I would like to be able to test either via a linear mixed effects model or a hierachical GAM (where appropriate) to see whether there is a relationship (either linear or non-linear) between participants stool metabolites and time.

Each subject (n=150) has provided a sample every month across one year beginning in November (Autumn).

I have different time components to consider, either seasons (autumn, winter, spring summer, autumn) or month.

  1. If I want to look at seasonal variation (having this as both continuous or categorical to compare different pairs of seasons), do I need to have time (in months) as a covariate, if so, as continuous or categorical?

  2. If I want to look at just relationship with time (either continuous or comparing months, without that being confounded by seasonal variation), do I have seasons as a covariate in my model? Of course, not in the instances when looking at pairwise comparisons when the months happen to be in the same seasonal period.

The reason I am asking is I'm a little unsure based on some example models I have seen, e.g. where there is information for both seasons and day or month of the year, there is no seasonal covariate in their model when looking at any possible relationship between time and their response, when seasonal changes would have influenced the response over time.

Any thoughts, or redirection to better resources/examples would be appreciated.


1 Answer 1


These questions are perfectly suited to Hierarchical Generalized Additive Models (HGAMs). The canonical reference for these types of models is Generalized Additive Models: An Introduction with R, Second Edition, by Simon Wood (maintainer of the mgcv package in R). However there is also a very useful and detailed 'tutorial' paper that gives examples of how these models can be set up, written by Pedersen et al: Hierarchical generalized additive models in ecology: an introduction with mgcv.

In short, once you have narrowed down on an appropriate observation likelihood (you haven't specified how these metabolite observations are distributed), you can use the mgcv package in R to test different hypotheses you might have about how these observations vary over seasons and across participants. An example model may be:

gam(y ~ s(month) + s(month, participant, bs = 'fs'), family = ..., data = ...).

This sort of setup allows you to use partial pooling to learn nonlinear relationships between your response variable $y$ (metabolite measurements) and $month$ (included as an variable of class integer), where each participant's nonlinear smooth function of $month$ is regularized toward a shared (i.e. global) smooth function of $month$. This model also incorporates hierarchical (random) intercerpts to capture variation in average measurements per participant.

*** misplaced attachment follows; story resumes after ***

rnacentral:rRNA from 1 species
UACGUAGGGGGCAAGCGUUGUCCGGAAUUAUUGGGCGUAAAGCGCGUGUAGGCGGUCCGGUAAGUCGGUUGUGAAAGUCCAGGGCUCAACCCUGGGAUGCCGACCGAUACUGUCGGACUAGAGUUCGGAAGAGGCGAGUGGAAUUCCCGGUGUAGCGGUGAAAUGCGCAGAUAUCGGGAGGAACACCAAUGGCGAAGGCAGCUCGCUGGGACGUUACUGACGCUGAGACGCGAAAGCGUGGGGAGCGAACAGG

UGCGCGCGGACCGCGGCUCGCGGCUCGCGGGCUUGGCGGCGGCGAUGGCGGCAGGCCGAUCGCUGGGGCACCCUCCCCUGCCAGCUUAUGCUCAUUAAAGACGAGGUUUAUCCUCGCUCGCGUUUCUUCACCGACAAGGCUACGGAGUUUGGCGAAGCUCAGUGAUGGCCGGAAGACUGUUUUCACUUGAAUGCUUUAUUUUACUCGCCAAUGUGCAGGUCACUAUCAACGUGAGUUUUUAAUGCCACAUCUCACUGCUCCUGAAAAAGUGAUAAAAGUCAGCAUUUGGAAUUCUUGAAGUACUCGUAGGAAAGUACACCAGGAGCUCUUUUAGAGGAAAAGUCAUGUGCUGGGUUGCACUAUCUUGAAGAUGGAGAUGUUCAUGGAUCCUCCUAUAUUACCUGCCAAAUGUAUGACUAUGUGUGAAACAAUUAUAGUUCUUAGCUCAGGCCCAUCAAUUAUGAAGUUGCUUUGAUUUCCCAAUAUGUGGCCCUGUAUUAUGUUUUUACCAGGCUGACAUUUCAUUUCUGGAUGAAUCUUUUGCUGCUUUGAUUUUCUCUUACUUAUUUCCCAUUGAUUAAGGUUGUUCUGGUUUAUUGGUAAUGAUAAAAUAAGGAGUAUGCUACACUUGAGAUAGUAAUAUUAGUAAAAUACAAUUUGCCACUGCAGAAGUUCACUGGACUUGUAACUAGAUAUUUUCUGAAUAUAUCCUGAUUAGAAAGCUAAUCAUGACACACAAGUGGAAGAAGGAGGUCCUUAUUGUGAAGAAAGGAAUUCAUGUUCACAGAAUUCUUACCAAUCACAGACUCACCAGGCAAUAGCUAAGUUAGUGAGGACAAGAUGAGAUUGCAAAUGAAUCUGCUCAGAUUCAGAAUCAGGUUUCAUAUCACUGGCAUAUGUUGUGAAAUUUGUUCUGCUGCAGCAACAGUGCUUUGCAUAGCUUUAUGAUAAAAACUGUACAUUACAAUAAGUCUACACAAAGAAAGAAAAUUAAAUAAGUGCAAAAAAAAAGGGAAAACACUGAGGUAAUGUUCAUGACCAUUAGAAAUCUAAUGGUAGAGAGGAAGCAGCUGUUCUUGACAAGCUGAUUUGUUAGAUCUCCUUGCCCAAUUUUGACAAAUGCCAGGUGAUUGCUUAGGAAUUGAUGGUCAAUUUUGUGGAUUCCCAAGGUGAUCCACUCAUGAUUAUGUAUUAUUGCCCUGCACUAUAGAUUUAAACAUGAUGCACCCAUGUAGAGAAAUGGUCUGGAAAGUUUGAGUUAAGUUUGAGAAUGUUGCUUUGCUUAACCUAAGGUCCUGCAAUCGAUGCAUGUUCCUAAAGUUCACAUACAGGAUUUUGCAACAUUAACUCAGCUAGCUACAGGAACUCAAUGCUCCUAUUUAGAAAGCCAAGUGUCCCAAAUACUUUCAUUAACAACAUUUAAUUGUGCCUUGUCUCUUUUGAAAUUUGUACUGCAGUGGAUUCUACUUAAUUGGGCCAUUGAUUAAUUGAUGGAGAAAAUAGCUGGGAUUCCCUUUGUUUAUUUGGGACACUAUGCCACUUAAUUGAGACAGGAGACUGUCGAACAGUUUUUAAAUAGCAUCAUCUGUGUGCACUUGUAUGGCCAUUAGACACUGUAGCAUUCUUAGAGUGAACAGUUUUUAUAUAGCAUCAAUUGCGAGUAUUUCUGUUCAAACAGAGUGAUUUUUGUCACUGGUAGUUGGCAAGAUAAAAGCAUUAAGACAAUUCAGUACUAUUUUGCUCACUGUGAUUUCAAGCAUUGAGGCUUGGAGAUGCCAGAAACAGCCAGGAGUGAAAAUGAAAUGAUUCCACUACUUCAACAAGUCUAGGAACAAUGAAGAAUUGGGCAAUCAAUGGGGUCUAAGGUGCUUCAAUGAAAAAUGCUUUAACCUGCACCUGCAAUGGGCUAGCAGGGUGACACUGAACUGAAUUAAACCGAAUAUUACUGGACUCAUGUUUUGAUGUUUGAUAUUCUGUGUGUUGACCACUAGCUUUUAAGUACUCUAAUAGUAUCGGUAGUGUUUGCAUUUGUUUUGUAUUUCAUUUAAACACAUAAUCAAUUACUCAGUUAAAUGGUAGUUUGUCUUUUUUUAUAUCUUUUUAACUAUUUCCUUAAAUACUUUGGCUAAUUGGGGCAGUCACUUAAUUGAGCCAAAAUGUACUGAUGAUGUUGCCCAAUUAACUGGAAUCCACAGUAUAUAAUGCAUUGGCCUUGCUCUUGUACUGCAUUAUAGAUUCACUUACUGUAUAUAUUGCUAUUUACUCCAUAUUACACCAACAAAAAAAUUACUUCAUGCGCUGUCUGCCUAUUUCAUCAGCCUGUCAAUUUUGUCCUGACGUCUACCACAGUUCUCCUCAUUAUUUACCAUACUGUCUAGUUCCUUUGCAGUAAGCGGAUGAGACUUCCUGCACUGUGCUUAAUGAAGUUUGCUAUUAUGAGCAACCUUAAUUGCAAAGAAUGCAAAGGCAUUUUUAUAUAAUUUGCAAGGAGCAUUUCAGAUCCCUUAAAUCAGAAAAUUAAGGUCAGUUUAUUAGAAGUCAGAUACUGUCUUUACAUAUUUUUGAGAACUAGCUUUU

If you fit such a model and carry out the usual residual diagnostics, you may find that there is still unmodelled temporal autocorrelation left (particularly if you look at residuals per participant. This autocorrelation can be accomodated in various ways in the mgcv universe, and you can look on this site in particular to find useful guidance (search for autocorrelation mgcv to get started).

As for your question about what effects to include, it seems that because your participants submitted samples once per month, both $month$ and $time$ are the same thing here (unless I'm misreading). If you had samples from more than one year, then you would need to make this distinction more clearly. But for now I don't think that is necessary.

  • $\begingroup$ Thank you for this – very helpful! I’m aware from the literature that these individuals in this study eat very seasonally, as they’re not able to access supermarkets where food comes from all over the place. And I understand that the different available foods across spring, summer, autumn, winter would affect the metabolites measured. Would it make sense to include season as a categorical (factor) variable like this, to see how the metabolites are changing over time (in months) by season? gam(y ~ seasons + s(month, by=seasons) + s(month, participant, bs=”fs”)) $\endgroup$
    – aim6789
    Commented Mar 25 at 11:44
  • $\begingroup$ I definitely need to do more reading at this stage, as I need to get my head around the difference between using s(month, participant, bs=”fs”) vs using s(participant, bs=”re”) + s(participant, month, by= “re”), and what one would be more appropriate. $\endgroup$
    – aim6789
    Commented Mar 25 at 11:52
  • $\begingroup$ I wouldn't recommend that strategy of including an additional factor for season, as the monthly smooth will be confounded with that variable. Typically we wouldn't expect a seasonal pattern to change abruptly (i.e. a step change) from one season to the next, rather we'd expect that change to be smooth. The strategy I mentioned is one useful way of capturing this, while letting seasonality vary over participants. Have a look at the Pedersen et al paper and I'm sure you'll find some useful tidbits to get you started $\endgroup$ Commented Mar 26 at 6:32

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